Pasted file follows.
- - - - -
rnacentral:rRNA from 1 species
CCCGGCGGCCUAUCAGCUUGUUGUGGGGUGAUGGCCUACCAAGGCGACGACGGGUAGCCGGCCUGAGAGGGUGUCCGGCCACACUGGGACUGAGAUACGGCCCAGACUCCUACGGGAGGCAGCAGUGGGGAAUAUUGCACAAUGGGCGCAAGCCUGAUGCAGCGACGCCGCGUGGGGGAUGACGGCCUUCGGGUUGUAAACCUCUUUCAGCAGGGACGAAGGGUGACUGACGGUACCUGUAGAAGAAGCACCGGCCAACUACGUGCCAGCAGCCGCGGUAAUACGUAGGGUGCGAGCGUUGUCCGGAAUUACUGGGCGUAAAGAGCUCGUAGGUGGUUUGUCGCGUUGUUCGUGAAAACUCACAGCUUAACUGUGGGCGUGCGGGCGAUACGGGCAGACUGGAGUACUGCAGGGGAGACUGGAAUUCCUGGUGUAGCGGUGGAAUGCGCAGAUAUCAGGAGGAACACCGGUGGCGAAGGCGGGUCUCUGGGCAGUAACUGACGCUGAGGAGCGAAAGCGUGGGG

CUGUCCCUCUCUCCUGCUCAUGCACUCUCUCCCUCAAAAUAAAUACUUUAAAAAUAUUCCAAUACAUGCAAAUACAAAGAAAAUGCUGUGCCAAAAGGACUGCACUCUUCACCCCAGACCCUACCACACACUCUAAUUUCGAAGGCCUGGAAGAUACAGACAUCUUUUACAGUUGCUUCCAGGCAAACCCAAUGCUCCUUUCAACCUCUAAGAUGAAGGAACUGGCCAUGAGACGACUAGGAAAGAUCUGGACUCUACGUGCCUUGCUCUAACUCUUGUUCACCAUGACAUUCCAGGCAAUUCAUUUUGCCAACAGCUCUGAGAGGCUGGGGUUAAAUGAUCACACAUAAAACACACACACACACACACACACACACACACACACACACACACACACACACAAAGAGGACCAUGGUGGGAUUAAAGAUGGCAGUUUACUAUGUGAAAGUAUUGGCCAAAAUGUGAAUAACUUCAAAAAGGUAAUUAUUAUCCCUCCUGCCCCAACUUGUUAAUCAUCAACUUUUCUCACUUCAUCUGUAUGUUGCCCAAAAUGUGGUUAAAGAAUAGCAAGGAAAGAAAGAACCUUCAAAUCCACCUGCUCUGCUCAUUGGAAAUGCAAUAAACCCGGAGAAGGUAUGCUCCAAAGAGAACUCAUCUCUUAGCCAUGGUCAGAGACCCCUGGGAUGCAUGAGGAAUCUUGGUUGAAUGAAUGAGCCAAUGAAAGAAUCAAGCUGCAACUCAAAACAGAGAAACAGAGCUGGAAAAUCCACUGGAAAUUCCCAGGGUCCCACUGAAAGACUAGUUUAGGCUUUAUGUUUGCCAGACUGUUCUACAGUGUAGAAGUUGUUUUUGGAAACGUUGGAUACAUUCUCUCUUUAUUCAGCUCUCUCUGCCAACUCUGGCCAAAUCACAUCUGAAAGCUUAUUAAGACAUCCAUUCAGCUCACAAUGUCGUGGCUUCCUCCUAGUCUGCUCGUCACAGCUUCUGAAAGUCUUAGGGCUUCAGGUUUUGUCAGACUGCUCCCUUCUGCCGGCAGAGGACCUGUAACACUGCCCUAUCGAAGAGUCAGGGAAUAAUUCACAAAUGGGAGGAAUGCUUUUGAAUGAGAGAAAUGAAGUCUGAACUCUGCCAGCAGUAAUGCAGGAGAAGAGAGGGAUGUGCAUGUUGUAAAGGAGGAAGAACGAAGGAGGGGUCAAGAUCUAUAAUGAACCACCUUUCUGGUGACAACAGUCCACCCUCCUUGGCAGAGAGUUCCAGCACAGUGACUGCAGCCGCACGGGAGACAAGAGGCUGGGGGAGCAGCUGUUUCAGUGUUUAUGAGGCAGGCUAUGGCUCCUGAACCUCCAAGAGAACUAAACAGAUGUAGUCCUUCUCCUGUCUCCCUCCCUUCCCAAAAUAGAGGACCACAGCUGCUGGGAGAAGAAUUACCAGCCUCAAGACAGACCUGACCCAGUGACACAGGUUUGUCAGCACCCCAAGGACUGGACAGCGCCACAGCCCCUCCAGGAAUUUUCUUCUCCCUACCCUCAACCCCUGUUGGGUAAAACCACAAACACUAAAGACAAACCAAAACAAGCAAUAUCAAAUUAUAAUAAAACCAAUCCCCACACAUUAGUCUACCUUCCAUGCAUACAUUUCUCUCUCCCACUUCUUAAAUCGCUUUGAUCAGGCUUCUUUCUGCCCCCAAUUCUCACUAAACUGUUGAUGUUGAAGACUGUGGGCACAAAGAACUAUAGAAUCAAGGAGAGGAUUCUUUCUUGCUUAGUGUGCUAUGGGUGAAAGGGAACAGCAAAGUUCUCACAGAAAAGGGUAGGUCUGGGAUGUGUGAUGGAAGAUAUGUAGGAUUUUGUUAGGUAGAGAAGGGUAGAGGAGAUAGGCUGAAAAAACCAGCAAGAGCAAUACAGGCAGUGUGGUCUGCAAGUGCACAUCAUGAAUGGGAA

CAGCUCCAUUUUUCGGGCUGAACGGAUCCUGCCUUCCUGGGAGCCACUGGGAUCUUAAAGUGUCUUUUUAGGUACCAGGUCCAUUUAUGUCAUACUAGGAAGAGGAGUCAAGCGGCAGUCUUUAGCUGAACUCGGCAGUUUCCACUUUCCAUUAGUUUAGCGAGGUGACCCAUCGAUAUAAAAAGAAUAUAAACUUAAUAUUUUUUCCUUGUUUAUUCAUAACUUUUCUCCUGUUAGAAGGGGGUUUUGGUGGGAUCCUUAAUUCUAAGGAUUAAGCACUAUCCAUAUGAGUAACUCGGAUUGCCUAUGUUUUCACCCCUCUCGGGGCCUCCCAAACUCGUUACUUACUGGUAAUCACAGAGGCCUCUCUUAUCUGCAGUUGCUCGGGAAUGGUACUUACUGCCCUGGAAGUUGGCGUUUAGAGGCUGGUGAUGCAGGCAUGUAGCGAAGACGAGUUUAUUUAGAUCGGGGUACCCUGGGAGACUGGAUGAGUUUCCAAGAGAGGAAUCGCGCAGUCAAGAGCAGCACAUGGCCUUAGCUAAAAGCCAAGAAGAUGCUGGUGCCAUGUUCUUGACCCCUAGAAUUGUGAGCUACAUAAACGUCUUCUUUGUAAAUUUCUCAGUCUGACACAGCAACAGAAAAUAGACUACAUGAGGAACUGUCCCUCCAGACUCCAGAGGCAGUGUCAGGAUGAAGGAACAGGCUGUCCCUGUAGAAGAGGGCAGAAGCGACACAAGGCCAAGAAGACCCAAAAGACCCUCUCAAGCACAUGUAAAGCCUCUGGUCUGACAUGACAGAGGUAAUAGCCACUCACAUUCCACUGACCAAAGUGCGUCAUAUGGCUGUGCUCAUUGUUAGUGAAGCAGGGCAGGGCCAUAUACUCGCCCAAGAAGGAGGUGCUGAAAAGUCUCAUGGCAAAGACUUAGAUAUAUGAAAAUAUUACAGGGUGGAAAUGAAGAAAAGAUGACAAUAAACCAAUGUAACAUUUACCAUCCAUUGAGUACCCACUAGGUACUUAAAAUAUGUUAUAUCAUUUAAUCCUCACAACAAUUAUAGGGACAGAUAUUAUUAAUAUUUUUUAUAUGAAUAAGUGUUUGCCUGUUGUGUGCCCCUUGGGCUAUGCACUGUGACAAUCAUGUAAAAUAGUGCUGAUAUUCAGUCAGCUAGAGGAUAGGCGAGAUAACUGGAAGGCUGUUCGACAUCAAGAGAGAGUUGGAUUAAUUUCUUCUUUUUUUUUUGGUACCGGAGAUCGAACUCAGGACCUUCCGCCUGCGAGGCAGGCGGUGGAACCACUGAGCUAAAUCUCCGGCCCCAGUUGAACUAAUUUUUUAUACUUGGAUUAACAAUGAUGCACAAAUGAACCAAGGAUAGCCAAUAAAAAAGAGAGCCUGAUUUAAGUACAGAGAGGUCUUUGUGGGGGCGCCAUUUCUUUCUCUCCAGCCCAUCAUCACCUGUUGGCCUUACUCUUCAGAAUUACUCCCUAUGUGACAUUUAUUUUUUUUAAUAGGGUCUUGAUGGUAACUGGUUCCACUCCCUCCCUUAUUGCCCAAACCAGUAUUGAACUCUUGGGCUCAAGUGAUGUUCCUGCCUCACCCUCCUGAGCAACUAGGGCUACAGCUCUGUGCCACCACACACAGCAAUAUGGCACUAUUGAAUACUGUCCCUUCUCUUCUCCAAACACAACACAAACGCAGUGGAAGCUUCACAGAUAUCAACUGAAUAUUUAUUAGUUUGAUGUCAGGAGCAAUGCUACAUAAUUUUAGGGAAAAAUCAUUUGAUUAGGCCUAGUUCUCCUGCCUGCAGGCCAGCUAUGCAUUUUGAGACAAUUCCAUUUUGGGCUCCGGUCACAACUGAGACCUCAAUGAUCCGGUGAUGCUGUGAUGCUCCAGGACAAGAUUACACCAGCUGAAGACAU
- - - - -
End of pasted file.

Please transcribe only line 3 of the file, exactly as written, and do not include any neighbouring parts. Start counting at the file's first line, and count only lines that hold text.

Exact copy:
CUGUCCCUCUCUCCUGCUCAUGCACUCUCUCCCUCAAAAUAAAUACUUUAAAAAUAUUCCAAUACAUGCAAAUACAAAGAAAAUGCUGUGCCAAAAGGACUGCACUCUUCACCCCAGACCCUACCACACACUCUAAUUUCGAAGGCCUGGAAGAUACAGACAUCUUUUACAGUUGCUUCCAGGCAAACCCAAUGCUCCUUUCAACCUCUAAGAUGAAGGAACUGGCCAUGAGACGACUAGGAAAGAUCUGGACUCUACGUGCCUUGCUCUAACUCUUGUUCACCAUGACAUUCCAGGCAAUUCAUUUUGCCAACAGCUCUGAGAGGCUGGGGUUAAAUGAUCACACAUAAAACACACACACACACACACACACACACACACACACACACACACACACACACAAAGAGGACCAUGGUGGGAUUAAAGAUGGCAGUUUACUAUGUGAAAGUAUUGGCCAAAAUGUGAAUAACUUCAAAAAGGUAAUUAUUAUCCCUCCUGCCCCAACUUGUUAAUCAUCAACUUUUCUCACUUCAUCUGUAUGUUGCCCAAAAUGUGGUUAAAGAAUAGCAAGGAAAGAAAGAACCUUCAAAUCCACCUGCUCUGCUCAUUGGAAAUGCAAUAAACCCGGAGAAGGUAUGCUCCAAAGAGAACUCAUCUCUUAGCCAUGGUCAGAGACCCCUGGGAUGCAUGAGGAAUCUUGGUUGAAUGAAUGAGCCAAUGAAAGAAUCAAGCUGCAACUCAAAACAGAGAAACAGAGCUGGAAAAUCCACUGGAAAUUCCCAGGGUCCCACUGAAAGACUAGUUUAGGCUUUAUGUUUGCCAGACUGUUCUACAGUGUAGAAGUUGUUUUUGGAAACGUUGGAUACAUUCUCUCUUUAUUCAGCUCUCUCUGCCAACUCUGGCCAAAUCACAUCUGAAAGCUUAUUAAGACAUCCAUUCAGCUCACAAUGUCGUGGCUUCCUCCUAGUCUGCUCGUCACAGCUUCUGAAAGUCUUAGGGCUUCAGGUUUUGUCAGACUGCUCCCUUCUGCCGGCAGAGGACCUGUAACACUGCCCUAUCGAAGAGUCAGGGAAUAAUUCACAAAUGGGAGGAAUGCUUUUGAAUGAGAGAAAUGAAGUCUGAACUCUGCCAGCAGUAAUGCAGGAGAAGAGAGGGAUGUGCAUGUUGUAAAGGAGGAAGAACGAAGGAGGGGUCAAGAUCUAUAAUGAACCACCUUUCUGGUGACAACAGUCCACCCUCCUUGGCAGAGAGUUCCAGCACAGUGACUGCAGCCGCACGGGAGACAAGAGGCUGGGGGAGCAGCUGUUUCAGUGUUUAUGAGGCAGGCUAUGGCUCCUGAACCUCCAAGAGAACUAAACAGAUGUAGUCCUUCUCCUGUCUCCCUCCCUUCCCAAAAUAGAGGACCACAGCUGCUGGGAGAAGAAUUACCAGCCUCAAGACAGACCUGACCCAGUGACACAGGUUUGUCAGCACCCCAAGGACUGGACAGCGCCACAGCCCCUCCAGGAAUUUUCUUCUCCCUACCCUCAACCCCUGUUGGGUAAAACCACAAACACUAAAGACAAACCAAAACAAGCAAUAUCAAAUUAUAAUAAAACCAAUCCCCACACAUUAGUCUACCUUCCAUGCAUACAUUUCUCUCUCCCACUUCUUAAAUCGCUUUGAUCAGGCUUCUUUCUGCCCCCAAUUCUCACUAAACUGUUGAUGUUGAAGACUGUGGGCACAAAGAACUAUAGAAUCAAGGAGAGGAUUCUUUCUUGCUUAGUGUGCUAUGGGUGAAAGGGAACAGCAAAGUUCUCACAGAAAAGGGUAGGUCUGGGAUGUGUGAUGGAAGAUAUGUAGGAUUUUGUUAGGUAGAGAAGGGUAGAGGAGAUAGGCUGAAAAAACCAGCAAGAGCAAUACAGGCAGUGUGGUCUGCAAGUGCACAUCAUGAAUGGGAA